Some of the fires started by the fireball's heat were probably blown out by the following blast wave. The blast wave would have started additional fires through overturned stoves, wrecked vehicles, electrical shorts, etc. These numerous small fires quickly merged into a single firestorm which consumed everything inside the 5 psi lethal area. Image File history File links Size of this preview: 629 × 600 pixelsFull resolution‎ (1,024 × 976 pixels, file size: 449 KB, MIME type: image/gif) File historyClick on a date/time to view the file as it appeared at that time. ... Image File history File links Size of this preview: 629 × 600 pixelsFull resolution‎ (1,024 × 976 pixels, file size: 449 KB, MIME type: image/gif) File historyClick on a date/time to view the file as it appeared at that time. ...


The Hiroshima firestorm was thus two miles in diameter, corresponding closely to the severe blast damage zone. (See the USSBS[7] map, right.) Blast-damaged buildings provided ideal fuel for the fire. Structural lumber and furniture were splintered and scattered about. Debris-choked roads prevented entry by fire fighters. Broken gas pipes fueled the fire, and broken water pipes rendered hydrants useless.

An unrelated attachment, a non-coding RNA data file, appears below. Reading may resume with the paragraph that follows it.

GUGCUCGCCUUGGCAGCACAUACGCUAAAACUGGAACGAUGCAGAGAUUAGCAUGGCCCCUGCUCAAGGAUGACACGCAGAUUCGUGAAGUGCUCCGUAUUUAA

As the map shows, the firestorm easily jumped the natural firebreaks (river channels) as well as prepared firebreaks. The spread of fire stopped only when it reached the edge of the blast-damaged area and ran out of easily available fuel.


Accurate casualty figures are impossible because so many victims were cremated by the firestorm. For the same reason, the portion of firestorm victims who survived the blast and died of fire can never be known. Casualty figures are based on estimates of how many people were inside the lethal area when the bomb went off.


Radiation

Because Little Boy was detonated 1900 feet above the ground, as an air burst, there was no bomb crater and no local radioactive fallout.[8] Local Fallout is dust and ash from a bomb crater, contaminated with radioactive fission products. It falls back to the ground downwind of the crater and can easily produce, with radiation alone, a lethal area much larger than that from blast and fire. With an air burst, the fission products remain in aerosol form until they rise into the stratosphere, where they dissipate and become part of the global, rather than the local, environment.